Zoo Knoxville welcomed some new additions to its reptile collection Wednesday morning.
Heather Debord, a zookeeper in the department of herpetology, said caretakers were surprised to find four critically endangered Chinese Crocodile Lizards had been born. There are fewer than 1,000 of them left in the wild, she said.
"We never know. Rarely would you see breeding activity, so we just get little surprises sometimes," Debord said. "It's kind of nice."
The new babies come less than a month after caretakers discovered more than 30 reptiles, some critically endangered, died in one building at Zoo Knoxville.
Debord said the zoo still boasts one of the top 10 collections of reptiles in the U.S., but the loss hurts larger conservation efforts.
Zoo officials are still trying to understand what caused the deaths of several snakes and lizards. The building that housed the reptiles that died is still closed.
"We are just trying to problem solve and trouble shoot, which is hard when we don't have answers," Debord said.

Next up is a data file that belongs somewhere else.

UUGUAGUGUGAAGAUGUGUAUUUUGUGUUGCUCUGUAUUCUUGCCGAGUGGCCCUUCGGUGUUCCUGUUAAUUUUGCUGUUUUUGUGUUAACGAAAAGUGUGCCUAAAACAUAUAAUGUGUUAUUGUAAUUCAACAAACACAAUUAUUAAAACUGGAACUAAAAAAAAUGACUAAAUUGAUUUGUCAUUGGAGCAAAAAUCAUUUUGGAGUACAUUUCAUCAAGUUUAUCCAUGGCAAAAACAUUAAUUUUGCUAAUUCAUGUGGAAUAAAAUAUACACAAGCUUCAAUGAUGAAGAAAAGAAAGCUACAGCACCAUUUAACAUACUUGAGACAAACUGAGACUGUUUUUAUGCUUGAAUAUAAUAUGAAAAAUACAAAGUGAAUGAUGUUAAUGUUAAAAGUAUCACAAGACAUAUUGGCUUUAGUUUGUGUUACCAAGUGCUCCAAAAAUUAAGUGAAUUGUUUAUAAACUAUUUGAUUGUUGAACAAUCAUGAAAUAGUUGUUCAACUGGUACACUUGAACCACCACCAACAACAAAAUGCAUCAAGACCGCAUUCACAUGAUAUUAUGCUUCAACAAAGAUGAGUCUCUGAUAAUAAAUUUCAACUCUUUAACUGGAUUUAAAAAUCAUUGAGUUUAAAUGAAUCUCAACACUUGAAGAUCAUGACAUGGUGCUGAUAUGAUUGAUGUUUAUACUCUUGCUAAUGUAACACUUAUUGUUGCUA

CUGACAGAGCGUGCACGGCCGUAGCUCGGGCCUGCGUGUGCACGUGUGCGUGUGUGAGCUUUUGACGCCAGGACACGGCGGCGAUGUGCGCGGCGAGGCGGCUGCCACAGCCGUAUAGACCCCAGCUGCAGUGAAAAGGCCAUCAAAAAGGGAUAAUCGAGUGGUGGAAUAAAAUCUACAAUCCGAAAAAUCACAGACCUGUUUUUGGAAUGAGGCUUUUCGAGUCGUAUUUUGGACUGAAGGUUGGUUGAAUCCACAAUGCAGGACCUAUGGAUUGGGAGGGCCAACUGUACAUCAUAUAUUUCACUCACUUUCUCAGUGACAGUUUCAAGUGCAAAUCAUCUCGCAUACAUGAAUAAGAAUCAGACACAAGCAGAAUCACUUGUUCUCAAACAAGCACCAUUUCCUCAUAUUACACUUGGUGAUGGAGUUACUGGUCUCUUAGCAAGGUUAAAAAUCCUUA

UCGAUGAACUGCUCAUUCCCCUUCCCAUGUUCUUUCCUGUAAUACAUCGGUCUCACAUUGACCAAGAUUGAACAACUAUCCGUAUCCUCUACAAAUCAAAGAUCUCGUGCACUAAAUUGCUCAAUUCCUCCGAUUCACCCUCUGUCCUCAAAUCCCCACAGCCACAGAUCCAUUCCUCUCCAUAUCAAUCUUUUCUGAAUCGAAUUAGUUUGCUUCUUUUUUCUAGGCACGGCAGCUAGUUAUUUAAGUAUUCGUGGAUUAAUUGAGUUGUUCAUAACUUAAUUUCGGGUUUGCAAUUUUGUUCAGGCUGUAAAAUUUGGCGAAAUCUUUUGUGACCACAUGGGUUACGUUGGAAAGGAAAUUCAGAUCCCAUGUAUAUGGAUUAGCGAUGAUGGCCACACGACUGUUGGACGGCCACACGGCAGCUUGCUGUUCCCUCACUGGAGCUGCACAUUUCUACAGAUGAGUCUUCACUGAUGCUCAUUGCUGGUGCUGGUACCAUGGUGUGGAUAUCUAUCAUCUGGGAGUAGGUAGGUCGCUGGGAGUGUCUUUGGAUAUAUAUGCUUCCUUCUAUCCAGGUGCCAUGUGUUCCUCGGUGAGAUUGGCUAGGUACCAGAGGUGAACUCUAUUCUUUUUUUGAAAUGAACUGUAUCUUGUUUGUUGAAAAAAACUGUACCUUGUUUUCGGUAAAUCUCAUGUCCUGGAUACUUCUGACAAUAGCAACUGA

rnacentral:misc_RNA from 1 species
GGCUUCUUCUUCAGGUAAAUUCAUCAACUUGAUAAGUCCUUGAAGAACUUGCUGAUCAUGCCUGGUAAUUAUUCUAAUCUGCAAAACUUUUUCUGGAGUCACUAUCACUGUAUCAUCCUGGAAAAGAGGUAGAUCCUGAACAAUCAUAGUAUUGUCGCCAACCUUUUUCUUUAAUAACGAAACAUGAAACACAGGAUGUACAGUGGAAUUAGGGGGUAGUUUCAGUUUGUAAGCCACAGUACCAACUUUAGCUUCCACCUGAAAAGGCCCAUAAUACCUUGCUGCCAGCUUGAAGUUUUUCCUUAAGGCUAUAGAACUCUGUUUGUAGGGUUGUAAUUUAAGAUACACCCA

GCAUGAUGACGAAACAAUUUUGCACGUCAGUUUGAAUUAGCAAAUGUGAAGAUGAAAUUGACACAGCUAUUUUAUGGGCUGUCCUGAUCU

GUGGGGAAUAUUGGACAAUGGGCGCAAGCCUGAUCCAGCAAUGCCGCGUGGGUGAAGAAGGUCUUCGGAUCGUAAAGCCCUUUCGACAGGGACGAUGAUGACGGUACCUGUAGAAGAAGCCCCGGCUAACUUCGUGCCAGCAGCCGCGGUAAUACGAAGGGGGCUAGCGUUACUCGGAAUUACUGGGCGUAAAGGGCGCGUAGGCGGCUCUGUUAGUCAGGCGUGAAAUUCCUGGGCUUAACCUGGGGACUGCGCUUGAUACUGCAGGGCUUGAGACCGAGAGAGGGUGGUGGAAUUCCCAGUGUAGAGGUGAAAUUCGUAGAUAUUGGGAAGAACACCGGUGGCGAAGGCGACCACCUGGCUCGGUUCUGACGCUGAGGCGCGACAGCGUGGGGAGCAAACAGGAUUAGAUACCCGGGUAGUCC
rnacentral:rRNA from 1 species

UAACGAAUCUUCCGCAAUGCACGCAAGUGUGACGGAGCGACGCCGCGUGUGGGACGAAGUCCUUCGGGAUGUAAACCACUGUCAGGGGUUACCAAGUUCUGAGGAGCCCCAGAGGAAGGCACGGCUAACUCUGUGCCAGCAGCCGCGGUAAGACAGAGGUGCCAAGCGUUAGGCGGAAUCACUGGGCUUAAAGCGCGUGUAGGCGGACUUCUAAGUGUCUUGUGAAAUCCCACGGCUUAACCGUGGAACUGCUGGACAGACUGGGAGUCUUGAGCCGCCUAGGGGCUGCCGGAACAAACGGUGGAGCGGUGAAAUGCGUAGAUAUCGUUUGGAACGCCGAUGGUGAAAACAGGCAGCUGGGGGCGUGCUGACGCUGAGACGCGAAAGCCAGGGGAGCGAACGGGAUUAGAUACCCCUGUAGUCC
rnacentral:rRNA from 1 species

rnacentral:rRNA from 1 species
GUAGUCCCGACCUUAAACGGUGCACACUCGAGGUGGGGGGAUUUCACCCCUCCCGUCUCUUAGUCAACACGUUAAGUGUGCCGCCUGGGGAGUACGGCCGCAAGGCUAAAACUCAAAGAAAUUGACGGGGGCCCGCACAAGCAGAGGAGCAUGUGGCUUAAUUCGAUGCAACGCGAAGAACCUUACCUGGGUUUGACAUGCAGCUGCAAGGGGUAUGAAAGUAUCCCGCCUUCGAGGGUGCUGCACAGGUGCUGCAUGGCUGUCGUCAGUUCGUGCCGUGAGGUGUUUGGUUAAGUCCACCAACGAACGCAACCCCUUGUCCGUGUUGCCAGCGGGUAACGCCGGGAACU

The zoo has checked alarms and smoke detectors, but they are waiting for answers before deciding whether to reopen the reptile building that has been closed.
In the meantime visitors can still view reptiles in the collection in other buildings. Debord said only about 15 percent of the zoo's collection is placed on exhibit.
"It was nice to see that they still had snakes," said Rachael Dickerson, who came to the zoo with her family. "It was nice to see that they still had some for the kids to see and enjoy."
The zoo continues to ensure that there will be more reptiles for visitors to enjoy in the future through its Species Survival Plan (SSP).
Debord described it in simple terms as something similar to a dating service, matching animals together in hopes that they will reproduce.
The lizards born Wednesday are part of the SSP, and after the deaths in the reptile collection last month, the births were a welcome surprise.
"After such a heavy loss, we love our moments of joy," Debord said.
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